Medical Journal of Dr. D.Y. Patil Vidyapeeth

COMMENTARY
Year
: 2015  |  Volume : 8  |  Issue : 6  |  Page : 749--750

Recent concepts in management of acute appendicitis


Subhash Chawla 
 Department of Surgery, Command Hospital (WC), Chandimandir, Panchkula, Haryana, India

Correspondence Address:
Subhash Chawla
Department of Surgery, Command Hospital, Chandimandir
India




How to cite this article:
Chawla S. Recent concepts in management of acute appendicitis.Med J DY Patil Univ 2015;8:749-750


How to cite this URL:
Chawla S. Recent concepts in management of acute appendicitis. Med J DY Patil Univ [serial online] 2015 [cited 2020 Nov 27 ];8:749-750
Available from: https://www.mjdrdypu.org/text.asp?2015/8/6/749/169915


Full Text

Acute appendicitis is one of the most common surgical emergency reporting to a general surgeon. Diagnosis of appendicitis is generally straightforward, made on clinical history, examination, supported by routine blood investigations and urine test. However in infants, elderly, pregnant women and young children, the diagnosis is difficult because 33-50% will have an atypical presentation. [1] The performance of complementary tests is often unnecessary and results in a delay in diagnosis and management. Several scoring systems have been devised to aid decision making in doubtful acute appendicitis cases, including the Ohmann, Alvarado, Eskelinen, Raja Isteri Pengiran Anak Saleha Appendicitis, and several others. [2] These scores utilize routine clinical and laboratory assessments and are simple to use in a variety of clinical settings. However, differences in sensitivities and specificities were observed in different clinical settings. They can reliably categorize three zones of diagnostic probability: probable, doubtful, or improbable. Only the intermediate category requires complementary imaging. Accurate diagnosis is especially difficult in women, where the sensitivity of available diagnostic methods leads to an unacceptably high negative appendectomy rate due to gynecological disorders that frequently mimic appendicitis. [3] The ability of a score to fulfill standardized criteria: An initial negative appendicectomy rate of 15% or less, a potential perforation rate of 35% or less, an initial missed perforation rate of 15% or less, and a missed appendicitis rate of 5% or less. Alvarado first developed a scoring system based on operative findings, and this has been modified and improved by others. [4] The criteria for diagnostic quality have been postulated as a 15% rate of negative appendectomies, a 10% rate of negative laparotomies, a 35% rate of potential perforations, a 15% rate of overlooked perforations, and a 5% rate of overlooked acute appendicitis. [5],[6] Although the negative appendectomy rate reported by surgeons advocating early surgical intervention in suspected cases to prevent perforation varies between 20% and 40%, the generally accepted negative appendectomy rate is approximately 15-20%. [7]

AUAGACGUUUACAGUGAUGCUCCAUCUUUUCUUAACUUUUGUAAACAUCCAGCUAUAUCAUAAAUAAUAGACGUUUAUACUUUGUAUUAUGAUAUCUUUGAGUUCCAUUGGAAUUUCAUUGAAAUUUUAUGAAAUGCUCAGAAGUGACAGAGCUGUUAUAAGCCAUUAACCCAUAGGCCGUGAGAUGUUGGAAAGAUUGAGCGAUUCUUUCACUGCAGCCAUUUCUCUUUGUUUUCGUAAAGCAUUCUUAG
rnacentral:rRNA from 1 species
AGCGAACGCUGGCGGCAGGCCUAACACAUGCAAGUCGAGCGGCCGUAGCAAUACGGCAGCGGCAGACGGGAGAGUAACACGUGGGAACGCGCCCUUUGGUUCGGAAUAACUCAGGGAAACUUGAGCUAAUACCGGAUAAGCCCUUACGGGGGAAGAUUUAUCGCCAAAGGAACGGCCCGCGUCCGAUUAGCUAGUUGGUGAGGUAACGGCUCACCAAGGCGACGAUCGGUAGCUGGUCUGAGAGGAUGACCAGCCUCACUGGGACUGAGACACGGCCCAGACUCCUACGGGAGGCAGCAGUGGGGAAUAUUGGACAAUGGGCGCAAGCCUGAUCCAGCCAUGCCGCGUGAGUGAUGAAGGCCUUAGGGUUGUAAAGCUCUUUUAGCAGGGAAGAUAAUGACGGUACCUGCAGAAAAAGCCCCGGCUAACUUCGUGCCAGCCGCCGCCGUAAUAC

The first appendectomy was performed in 1735 by Amyan, a surgeon of the English army to remove a perforated appendix. Minimal invasive surgeons have made great efforts to improve perioperative outcomes in patients undergoing an appendectomy. The establishment of three ports via the umbilicus, the suprapubic region and the left iliac fossa is currently considered the best approach to achieve proper triangulation. Laparoscopic appendectomy has some advantages, including decreased postoperative pain, better esthetic result, a shorter time to return to daily routine activities and lower incidence of wound infections or dehiscence. Single incision laparoscopic appendicectomy (SILA) is a new technique developed for performing operations without a visible scar and is becoming popular amongst surgeons. Patients have a quicker recovery time and less postoperative pain scores and reduced postoperative complications such as infection, port-site hernias, and hematomas. SILA procedure is associated with significantly less bleeding while providing an improved cosmetic outcome despite a modest increase the ratio of conversion. In conclusion, the Ohmann and RIPASA scoring systems have the highest specificity for the diagnosis of acute appendicitis. Single incision laparoscopic surgery for an appendectomy is widely accepted and is gradually becoming a viable option for treatment of appendicitis. [8] SILA is a technically feasible and reliable approach in experienced hands with short-term results similar to those obtained with CLA. [9],[10]

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